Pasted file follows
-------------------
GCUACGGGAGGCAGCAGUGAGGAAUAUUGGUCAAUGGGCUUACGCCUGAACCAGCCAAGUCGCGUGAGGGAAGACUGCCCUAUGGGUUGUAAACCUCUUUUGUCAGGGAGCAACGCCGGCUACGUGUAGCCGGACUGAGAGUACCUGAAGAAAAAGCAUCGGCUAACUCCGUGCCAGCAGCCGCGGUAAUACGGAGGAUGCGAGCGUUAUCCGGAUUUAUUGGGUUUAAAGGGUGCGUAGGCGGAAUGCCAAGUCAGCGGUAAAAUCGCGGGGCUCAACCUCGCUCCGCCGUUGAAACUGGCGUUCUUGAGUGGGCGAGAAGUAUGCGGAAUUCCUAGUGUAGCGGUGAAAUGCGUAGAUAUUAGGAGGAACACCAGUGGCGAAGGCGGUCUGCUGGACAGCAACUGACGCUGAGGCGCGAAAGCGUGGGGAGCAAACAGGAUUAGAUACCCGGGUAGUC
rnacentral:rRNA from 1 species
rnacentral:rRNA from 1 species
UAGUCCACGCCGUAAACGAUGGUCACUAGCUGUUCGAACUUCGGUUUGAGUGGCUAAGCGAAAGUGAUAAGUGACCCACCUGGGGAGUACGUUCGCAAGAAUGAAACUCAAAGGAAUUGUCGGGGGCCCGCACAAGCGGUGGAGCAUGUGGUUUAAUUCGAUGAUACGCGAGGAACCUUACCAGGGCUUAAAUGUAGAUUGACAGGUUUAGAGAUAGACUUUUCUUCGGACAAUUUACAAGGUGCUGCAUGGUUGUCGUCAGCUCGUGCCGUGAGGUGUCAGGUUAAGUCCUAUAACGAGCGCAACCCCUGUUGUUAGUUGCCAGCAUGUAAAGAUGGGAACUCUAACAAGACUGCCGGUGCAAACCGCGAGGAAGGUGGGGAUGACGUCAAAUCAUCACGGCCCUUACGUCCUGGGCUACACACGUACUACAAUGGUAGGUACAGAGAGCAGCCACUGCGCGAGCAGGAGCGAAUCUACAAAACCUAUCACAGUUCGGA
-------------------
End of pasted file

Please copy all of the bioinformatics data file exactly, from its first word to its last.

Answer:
GCUACGGGAGGCAGCAGUGAGGAAUAUUGGUCAAUGGGCUUACGCCUGAACCAGCCAAGUCGCGUGAGGGAAGACUGCCCUAUGGGUUGUAAACCUCUUUUGUCAGGGAGCAACGCCGGCUACGUGUAGCCGGACUGAGAGUACCUGAAGAAAAAGCAUCGGCUAACUCCGUGCCAGCAGCCGCGGUAAUACGGAGGAUGCGAGCGUUAUCCGGAUUUAUUGGGUUUAAAGGGUGCGUAGGCGGAAUGCCAAGUCAGCGGUAAAAUCGCGGGGCUCAACCUCGCUCCGCCGUUGAAACUGGCGUUCUUGAGUGGGCGAGAAGUAUGCGGAAUUCCUAGUGUAGCGGUGAAAUGCGUAGAUAUUAGGAGGAACACCAGUGGCGAAGGCGGUCUGCUGGACAGCAACUGACGCUGAGGCGCGAAAGCGUGGGGAGCAAACAGGAUUAGAUACCCGGGUAGUC
rnacentral:rRNA from 1 species
rnacentral:rRNA from 1 species
UAGUCCACGCCGUAAACGAUGGUCACUAGCUGUUCGAACUUCGGUUUGAGUGGCUAAGCGAAAGUGAUAAGUGACCCACCUGGGGAGUACGUUCGCAAGAAUGAAACUCAAAGGAAUUGUCGGGGGCCCGCACAAGCGGUGGAGCAUGUGGUUUAAUUCGAUGAUACGCGAGGAACCUUACCAGGGCUUAAAUGUAGAUUGACAGGUUUAGAGAUAGACUUUUCUUCGGACAAUUUACAAGGUGCUGCAUGGUUGUCGUCAGCUCGUGCCGUGAGGUGUCAGGUUAAGUCCUAUAACGAGCGCAACCCCUGUUGUUAGUUGCCAGCAUGUAAAGAUGGGAACUCUAACAAGACUGCCGGUGCAAACCGCGAGGAAGGUGGGGAUGACGUCAAAUCAUCACGGCCCUUACGUCCUGGGCUACACACGUACUACAAUGGUAGGUACAGAGAGCAGCCACUGCGCGAGCAGGAGCGAAUCUACAAAACCUAUCACAGUUCGGA